Did you grow up going to church? I did and, although my family was far from perfect, I am ever grateful that from an early age I learned that God is real, He is present, and that my life - and the life of my community - is somehow caught up in His.
During my childhood, I grew up attending what was then called a ‘house fellowship.’ While these congregations had their roots in the Brethren tradition, they had also been impacted by the Charismatic renewal of the 1960s and ‘70s. My early church experience was both conservative - women still covered their heads in church - and charismatic, in a way that resisted planning for the sake of leaving space for the Holy Spirit.
In the midst of this, as part of the evangelical stream of the Church, I learned to value the word of God as the basis for church life and personal growth. Sunday mornings meant singing hymns that were rich in theological truth, and listening to sermons that were on the whole more Bible studies than stirring preaches. There was a sense that anything that could not be found explicitly spelled out in scripture must be dodgy and deceptive, if not downright demonic.
So, while I don’t feel the need to justify practices of contemplation, I get it when those with a similar upbringing to me react to words like ‘contemplative’ or ‘meditation’ with suspicion.
To evangelical ears, anything contemplative can sound a bit too floaty and mystical, and meditation can smack of eastern religions and the influence of Buddhism. And yet, both these concepts are deeply Christian and part of our heritage. The early Church fathers and mothers wrote extensively of contemplation and meditation (as did the psalmist, of course!) so that, rather than being something new and dangerous, these ancient ways of meeting God are perhaps once more offered to us as part of the renewal of the Church.
Meditation and contemplation are two primary forms of praying. In meditation, we use our minds. We ponder the basic principles that guide our life. We pray over words, images, and ideas.
I have found myself particularly moved when meditating on scriptures, poems and paintings. As I mull over particular words, they become richer and deepen in their significance for me. The practice of Lectio Divina, or Holy Reading, is a form of meditation. It is a way of chewing on scripture, not just to ‘know more’ but to receive from its truth and respond to its invitation to us personally. In a similar way, we might ponder a particular image, perhaps one related to a Bible story, mulling over the truths offered to us through the story’s depiction. (If you are new to meditating on images, you might want to take a look at Juliet Benner’s book, Contemplative Vision: A Guide to Christian Art and Prayer.)
Contemplation is more about feeling than thinking. Contemplation often stirs the emotions and enkindles deep desires. In contemplation, we rely on our imaginations to place ourselves in a setting from the Gospels or in a particular scene. We pray with Scripture, rather than studying it. Rather than learning about God, the intention is to experience God.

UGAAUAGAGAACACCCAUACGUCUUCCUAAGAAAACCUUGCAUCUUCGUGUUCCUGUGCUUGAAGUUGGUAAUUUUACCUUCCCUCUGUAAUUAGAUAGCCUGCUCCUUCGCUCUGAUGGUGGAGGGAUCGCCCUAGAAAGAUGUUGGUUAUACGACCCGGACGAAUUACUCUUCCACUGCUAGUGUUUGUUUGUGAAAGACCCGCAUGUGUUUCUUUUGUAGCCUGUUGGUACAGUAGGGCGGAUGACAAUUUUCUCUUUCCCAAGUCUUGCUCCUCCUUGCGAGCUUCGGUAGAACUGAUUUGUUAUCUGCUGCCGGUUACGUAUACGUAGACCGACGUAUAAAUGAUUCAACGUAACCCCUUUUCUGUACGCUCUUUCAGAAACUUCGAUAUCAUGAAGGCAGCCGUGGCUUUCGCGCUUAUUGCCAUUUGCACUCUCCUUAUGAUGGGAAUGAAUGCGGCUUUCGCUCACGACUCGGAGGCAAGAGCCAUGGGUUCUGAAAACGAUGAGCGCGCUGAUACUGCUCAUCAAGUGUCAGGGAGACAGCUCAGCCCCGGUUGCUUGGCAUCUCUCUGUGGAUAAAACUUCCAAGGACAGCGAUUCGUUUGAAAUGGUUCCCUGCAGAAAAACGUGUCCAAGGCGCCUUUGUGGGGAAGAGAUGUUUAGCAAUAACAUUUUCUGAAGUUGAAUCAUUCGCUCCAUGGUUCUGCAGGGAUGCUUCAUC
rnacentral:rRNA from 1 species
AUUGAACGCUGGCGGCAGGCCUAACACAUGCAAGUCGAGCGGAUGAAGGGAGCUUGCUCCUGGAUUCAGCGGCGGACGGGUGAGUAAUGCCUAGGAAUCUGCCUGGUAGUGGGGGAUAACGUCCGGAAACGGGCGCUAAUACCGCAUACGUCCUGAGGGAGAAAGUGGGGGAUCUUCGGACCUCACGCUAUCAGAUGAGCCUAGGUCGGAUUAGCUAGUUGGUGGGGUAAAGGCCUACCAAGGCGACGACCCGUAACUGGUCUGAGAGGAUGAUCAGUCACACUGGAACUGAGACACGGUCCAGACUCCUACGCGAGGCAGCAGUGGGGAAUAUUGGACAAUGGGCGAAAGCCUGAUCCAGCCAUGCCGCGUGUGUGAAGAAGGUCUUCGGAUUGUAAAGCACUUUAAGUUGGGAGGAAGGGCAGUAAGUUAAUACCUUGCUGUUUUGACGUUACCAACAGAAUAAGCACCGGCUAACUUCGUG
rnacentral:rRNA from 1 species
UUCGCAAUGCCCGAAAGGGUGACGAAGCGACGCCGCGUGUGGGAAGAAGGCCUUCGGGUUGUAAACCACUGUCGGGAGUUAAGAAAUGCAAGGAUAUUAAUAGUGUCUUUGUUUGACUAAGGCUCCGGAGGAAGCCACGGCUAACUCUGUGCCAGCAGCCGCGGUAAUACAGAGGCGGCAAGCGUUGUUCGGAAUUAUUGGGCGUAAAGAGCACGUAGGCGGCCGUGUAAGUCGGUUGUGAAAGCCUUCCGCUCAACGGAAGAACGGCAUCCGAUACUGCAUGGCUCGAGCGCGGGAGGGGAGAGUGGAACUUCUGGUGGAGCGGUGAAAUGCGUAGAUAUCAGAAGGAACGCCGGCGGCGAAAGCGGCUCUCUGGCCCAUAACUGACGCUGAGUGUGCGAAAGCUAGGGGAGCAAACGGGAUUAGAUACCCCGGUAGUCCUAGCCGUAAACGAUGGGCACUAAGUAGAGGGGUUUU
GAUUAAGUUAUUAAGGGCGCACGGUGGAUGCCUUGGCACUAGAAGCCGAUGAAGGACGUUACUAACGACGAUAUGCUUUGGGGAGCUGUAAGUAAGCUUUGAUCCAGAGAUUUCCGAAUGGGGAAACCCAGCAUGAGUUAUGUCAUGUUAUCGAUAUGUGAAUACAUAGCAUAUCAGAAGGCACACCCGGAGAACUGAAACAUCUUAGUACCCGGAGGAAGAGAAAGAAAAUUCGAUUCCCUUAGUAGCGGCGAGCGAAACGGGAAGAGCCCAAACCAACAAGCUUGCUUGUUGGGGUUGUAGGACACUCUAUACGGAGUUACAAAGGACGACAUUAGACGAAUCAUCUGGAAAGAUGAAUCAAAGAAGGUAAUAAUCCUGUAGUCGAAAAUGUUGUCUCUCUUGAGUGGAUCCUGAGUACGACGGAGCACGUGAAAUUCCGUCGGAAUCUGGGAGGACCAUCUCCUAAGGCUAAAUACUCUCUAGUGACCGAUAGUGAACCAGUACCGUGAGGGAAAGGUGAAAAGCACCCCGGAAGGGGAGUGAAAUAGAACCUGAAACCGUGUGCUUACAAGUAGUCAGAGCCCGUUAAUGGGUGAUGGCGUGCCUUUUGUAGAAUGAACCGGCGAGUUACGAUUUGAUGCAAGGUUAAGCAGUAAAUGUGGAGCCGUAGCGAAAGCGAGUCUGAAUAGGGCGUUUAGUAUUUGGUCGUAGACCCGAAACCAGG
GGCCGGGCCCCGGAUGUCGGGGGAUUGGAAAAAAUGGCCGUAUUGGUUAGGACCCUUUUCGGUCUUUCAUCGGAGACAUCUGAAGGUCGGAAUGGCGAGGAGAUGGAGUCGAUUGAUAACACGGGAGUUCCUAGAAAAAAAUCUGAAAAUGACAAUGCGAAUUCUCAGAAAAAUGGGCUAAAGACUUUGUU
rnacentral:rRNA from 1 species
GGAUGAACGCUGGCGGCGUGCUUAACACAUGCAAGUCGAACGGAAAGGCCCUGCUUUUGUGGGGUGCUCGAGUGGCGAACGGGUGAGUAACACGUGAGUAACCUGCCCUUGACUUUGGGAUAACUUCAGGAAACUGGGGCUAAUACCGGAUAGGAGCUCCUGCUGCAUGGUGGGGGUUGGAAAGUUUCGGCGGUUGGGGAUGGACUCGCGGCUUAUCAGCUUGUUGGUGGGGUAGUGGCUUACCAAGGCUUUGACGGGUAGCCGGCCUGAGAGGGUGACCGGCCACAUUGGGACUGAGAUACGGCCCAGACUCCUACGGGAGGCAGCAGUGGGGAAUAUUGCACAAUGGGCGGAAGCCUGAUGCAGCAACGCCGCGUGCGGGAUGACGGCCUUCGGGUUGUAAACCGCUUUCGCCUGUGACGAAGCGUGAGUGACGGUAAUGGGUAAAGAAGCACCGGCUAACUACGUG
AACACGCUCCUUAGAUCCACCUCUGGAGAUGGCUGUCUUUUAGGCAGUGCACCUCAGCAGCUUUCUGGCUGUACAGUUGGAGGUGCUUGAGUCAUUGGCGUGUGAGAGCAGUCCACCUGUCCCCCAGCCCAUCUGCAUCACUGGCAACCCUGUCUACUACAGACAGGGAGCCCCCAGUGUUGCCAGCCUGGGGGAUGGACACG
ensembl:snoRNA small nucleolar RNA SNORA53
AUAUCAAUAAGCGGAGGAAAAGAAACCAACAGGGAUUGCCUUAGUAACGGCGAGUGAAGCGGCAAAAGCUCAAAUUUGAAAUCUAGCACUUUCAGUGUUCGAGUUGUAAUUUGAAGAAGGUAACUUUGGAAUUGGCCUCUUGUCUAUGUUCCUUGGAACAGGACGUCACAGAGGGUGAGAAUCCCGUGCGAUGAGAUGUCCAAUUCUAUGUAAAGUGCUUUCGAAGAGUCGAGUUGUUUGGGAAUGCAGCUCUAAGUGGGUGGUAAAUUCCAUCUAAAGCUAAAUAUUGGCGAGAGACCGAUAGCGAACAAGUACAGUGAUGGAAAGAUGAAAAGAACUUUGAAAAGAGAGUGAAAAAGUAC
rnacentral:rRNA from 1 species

Praying the Psalms, so rich in emotion, can be a form of contemplation as we allow ourselves to be stirred by the feelings they portray. Reading scripture imaginatively, placing ourselves in the stories, is another form of contemplation. There are many other ways of allowing the Spirit of God to bring us to a place of awareness about how the emotions we experience are mirrored in the characters we encounter in scripture. A prayer of postures would be one example. And as we allow ourselves to experience these inner movements, we are able to present what is most real, or honest, about us more whole-heartedly to God as we pray. (To explore further, you might enjoy Tom Wright’s little book, Finding God in the Psalms.)
As we pursue these ways of encountering God, we grow in our capacity for discernment. That is, we come to notice the interior movements of our hearts, and discern where they are leading us. A regular practice of listening in this way helps us make good decisions.
Meditation and contemplation are thus about many fundamentally Christian themes. These include a sense of collaboration with God’s action in the world, spiritual discernment in decision making, generosity of response to God’s invitation, community and companionship in service, and a disposition to find God in all things. In this way, we move towards greater integration of our beings: integration of contemplation and action, prayer and service, and emotions and reason.
I am profoundly grateful to have experienced the gifts offered by contemplative ways of experiencing God. For me, this has been a shift of focus from what to believe, towards how to know. It is my prayer that you too will discover many diverse ways, both old and new, of encountering the Life and Spirit of God for yourself. May we all be led beyond the confines presented by past experiences, as good and important as they may have been, into one biblical writer called ‘the glorious freedom of the children of God.’*